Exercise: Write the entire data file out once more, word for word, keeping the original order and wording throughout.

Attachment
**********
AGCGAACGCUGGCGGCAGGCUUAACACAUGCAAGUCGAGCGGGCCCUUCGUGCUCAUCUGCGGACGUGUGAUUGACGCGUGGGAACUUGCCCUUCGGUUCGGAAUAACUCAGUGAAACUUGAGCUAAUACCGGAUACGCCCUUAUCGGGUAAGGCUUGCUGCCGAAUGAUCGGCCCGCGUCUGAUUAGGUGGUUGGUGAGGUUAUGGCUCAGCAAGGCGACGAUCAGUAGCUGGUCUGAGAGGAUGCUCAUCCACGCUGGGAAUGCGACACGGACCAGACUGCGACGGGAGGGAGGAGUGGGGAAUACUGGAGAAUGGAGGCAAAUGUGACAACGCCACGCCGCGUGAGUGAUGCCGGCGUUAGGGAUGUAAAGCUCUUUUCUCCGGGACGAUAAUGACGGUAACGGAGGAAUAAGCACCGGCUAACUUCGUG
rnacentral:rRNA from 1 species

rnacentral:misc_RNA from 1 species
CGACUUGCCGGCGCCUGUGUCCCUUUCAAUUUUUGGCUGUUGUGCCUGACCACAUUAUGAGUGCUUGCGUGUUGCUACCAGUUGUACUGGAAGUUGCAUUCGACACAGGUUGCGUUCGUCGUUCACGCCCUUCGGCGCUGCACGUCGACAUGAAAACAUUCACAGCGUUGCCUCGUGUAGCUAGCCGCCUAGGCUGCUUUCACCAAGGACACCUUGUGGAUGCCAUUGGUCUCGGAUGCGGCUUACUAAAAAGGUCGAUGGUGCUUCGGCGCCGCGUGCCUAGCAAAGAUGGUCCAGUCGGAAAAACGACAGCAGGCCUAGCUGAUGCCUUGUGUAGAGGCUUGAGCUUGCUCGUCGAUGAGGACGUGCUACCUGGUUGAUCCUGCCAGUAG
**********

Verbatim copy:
AGCGAACGCUGGCGGCAGGCUUAACACAUGCAAGUCGAGCGGGCCCUUCGUGCUCAUCUGCGGACGUGUGAUUGACGCGUGGGAACUUGCCCUUCGGUUCGGAAUAACUCAGUGAAACUUGAGCUAAUACCGGAUACGCCCUUAUCGGGUAAGGCUUGCUGCCGAAUGAUCGGCCCGCGUCUGAUUAGGUGGUUGGUGAGGUUAUGGCUCAGCAAGGCGACGAUCAGUAGCUGGUCUGAGAGGAUGCUCAUCCACGCUGGGAAUGCGACACGGACCAGACUGCGACGGGAGGGAGGAGUGGGGAAUACUGGAGAAUGGAGGCAAAUGUGACAACGCCACGCCGCGUGAGUGAUGCCGGCGUUAGGGAUGUAAAGCUCUUUUCUCCGGGACGAUAAUGACGGUAACGGAGGAAUAAGCACCGGCUAACUUCGUG
rnacentral:rRNA from 1 species

rnacentral:misc_RNA from 1 species
CGACUUGCCGGCGCCUGUGUCCCUUUCAAUUUUUGGCUGUUGUGCCUGACCACAUUAUGAGUGCUUGCGUGUUGCUACCAGUUGUACUGGAAGUUGCAUUCGACACAGGUUGCGUUCGUCGUUCACGCCCUUCGGCGCUGCACGUCGACAUGAAAACAUUCACAGCGUUGCCUCGUGUAGCUAGCCGCCUAGGCUGCUUUCACCAAGGACACCUUGUGGAUGCCAUUGGUCUCGGAUGCGGCUUACUAAAAAGGUCGAUGGUGCUUCGGCGCCGCGUGCCUAGCAAAGAUGGUCCAGUCGGAAAAACGACAGCAGGCCUAGCUGAUGCCUUGUGUAGAGGCUUGAGCUUGCUCGUCGAUGAGGACGUGCUACCUGGUUGAUCCUGCCAGUAG